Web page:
“Picture-gate” Debate Erupts In Statehouse

DES MOINES- A heated “picture-gate” debate erupted in the Iowa House Wednesday. It happened during discussion of a proposed constitutional amendment giving any lieutenant governor who becomes governor clear authority to appoint someone to serve as lieutenant governor. Republican Representative Chip Baltimore accused Democrats in the Iowa House of trying to avoid the official photo of President Trump that hangs near the center of the House.

“I have witnessed myself a number of people in this very chamber who won’t even have their picture taken in the speaker’s chair except at an angle so that the president of the United States, who was elected by the people, doesn’t show up in the picture,” Baltimore said. Representative Dave Jacoby, a Democrat from Coralville, shot back.

“We learned how to take those pictures from you,” Jacoby said. Another Democrat in the House chimed in, saying Democrats noticed Republicans trying to avoid Barack Obama’s picture when they were taking pictures when Obama’s official photograph hung in the House.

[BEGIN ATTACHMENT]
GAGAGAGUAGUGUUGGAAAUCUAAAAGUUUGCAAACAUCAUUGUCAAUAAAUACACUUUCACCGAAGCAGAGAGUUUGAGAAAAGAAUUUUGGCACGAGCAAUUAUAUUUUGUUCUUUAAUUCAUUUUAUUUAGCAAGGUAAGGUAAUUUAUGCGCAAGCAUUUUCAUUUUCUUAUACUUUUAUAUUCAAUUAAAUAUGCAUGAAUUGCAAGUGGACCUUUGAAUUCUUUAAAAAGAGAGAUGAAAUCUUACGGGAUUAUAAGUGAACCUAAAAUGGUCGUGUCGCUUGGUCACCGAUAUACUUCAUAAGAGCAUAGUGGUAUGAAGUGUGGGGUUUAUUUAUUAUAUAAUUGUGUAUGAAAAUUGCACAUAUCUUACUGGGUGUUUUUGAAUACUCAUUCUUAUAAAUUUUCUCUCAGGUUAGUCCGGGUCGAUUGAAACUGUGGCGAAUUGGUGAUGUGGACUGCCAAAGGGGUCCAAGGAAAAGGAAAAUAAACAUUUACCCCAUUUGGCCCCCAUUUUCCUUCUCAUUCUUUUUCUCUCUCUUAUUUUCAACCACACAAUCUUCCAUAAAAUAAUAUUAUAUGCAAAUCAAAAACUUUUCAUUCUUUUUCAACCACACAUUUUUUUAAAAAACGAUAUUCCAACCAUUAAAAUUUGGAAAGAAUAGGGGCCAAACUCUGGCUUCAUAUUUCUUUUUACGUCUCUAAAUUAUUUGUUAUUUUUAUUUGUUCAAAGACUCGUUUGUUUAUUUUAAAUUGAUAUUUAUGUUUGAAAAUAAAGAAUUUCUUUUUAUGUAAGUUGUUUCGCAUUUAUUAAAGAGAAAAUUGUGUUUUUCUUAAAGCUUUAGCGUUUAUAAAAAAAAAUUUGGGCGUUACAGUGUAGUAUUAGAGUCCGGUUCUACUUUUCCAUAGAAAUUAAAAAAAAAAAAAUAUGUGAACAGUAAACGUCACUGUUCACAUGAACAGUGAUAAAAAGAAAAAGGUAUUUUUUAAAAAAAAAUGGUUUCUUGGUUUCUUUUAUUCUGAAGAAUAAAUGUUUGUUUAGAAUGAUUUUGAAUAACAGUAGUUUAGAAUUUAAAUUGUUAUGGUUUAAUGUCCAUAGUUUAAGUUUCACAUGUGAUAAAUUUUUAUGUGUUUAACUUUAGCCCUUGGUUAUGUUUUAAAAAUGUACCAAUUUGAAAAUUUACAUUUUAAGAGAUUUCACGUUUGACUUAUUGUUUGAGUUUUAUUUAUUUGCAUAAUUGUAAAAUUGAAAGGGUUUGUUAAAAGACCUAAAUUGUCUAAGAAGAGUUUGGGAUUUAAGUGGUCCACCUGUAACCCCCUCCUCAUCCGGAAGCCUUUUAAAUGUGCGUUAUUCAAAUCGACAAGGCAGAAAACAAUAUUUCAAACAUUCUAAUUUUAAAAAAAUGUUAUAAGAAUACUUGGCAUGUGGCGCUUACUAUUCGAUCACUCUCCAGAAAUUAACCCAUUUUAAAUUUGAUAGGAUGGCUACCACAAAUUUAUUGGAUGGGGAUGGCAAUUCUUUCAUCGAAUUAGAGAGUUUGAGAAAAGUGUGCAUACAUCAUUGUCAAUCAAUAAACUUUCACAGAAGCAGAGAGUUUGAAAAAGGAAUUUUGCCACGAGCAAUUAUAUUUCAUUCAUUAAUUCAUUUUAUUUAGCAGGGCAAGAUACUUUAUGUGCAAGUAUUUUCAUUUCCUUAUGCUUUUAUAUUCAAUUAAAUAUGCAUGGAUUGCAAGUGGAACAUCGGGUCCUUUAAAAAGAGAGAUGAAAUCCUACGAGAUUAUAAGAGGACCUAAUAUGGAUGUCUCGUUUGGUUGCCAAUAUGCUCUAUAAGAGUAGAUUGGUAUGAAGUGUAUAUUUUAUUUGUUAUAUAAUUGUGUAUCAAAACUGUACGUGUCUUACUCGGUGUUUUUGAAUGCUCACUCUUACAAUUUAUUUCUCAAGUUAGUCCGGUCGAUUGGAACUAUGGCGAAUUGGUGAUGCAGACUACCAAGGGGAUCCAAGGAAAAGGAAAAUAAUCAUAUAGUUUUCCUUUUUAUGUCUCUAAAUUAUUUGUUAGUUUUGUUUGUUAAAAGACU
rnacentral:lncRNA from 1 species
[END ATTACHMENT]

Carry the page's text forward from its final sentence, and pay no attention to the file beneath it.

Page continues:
“We never mentioned it. That really splits people apart even more. I’m sorry to hear that.” That was Representative Sharon Steckman, a Democrat from Mason City. The presidents picture hangs at the front of both the Iowa House and the Iowa Senate. Years ago,  the Republican president of the Iowa Senate apologized after President Bill Clinton’s official photo was removed temporarily for a picture-taking session. Recently, Trump’s photo was removed for a brief weekend wedding ceremony in the House. That prompted the Republican speaker of the House to declare the president’s official photo was never to be removed for any reason.



Update to be given on Mason City downtown project One more opening to be filled for Mason City’s new Science and Technology Commission Cerro Gordo County could vote on leaving mental health region later this month Paving to start on State Highway 122 project Reynolds says Senate Democrats must act on Boulton Reynolds says law prevents her from sharing more about fired trooper’s case